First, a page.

Automated workflows are not necessarily a good thing. If the work inside the flow doesn’t make any sense then what is the point of automating it. It is better to eliminate unnecessary work first. The only accomplishment is the acceleration of work of dubious value.

Of course, every organization has its share of work of dubious value. The hardcore definition of value from the old lean manufacturing accolytes was that value was in the eyes of the customer. If the customer isn’t willing to pay for it, it isn’t creating value.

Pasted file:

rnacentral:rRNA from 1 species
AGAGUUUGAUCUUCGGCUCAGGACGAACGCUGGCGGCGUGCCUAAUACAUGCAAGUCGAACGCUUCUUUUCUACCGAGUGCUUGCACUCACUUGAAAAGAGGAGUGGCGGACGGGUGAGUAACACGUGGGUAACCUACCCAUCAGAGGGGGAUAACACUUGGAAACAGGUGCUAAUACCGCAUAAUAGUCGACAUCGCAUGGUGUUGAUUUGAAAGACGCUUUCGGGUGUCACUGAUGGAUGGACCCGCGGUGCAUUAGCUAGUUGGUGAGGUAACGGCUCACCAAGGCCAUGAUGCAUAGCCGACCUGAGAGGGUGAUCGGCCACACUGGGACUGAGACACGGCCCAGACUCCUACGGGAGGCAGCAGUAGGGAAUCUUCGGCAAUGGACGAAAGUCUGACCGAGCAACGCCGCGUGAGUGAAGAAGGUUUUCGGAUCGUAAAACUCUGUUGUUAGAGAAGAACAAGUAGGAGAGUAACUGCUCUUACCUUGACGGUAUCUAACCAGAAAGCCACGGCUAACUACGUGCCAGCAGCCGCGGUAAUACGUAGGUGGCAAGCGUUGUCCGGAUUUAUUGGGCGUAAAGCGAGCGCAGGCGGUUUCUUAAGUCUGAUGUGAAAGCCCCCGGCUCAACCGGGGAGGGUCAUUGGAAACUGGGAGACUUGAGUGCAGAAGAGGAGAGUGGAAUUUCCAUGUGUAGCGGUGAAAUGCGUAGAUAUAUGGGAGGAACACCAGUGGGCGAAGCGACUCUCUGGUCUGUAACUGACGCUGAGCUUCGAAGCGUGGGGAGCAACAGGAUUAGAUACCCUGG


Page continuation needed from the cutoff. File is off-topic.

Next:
However, there are plenty of things that customers put up with that they don’t value. In a roundabout way some activities create a benefit for the customer, but that just is not the purpose.

A lot of energy goes into tracking and accounting for transactions, but the funny thing about tracking this kind of information is that it begets more tracking.

This often leads to the tracking/automation trap. More tracking requires more people and more automation. This creates even more defect opportunities.

Data is wrong…basic end user error. A setting is misunderstood and a whole bunch of downstream activities are cycled that you didn’t intend.

Automated workflows move things along faster, but it doesn’t ensure quality work.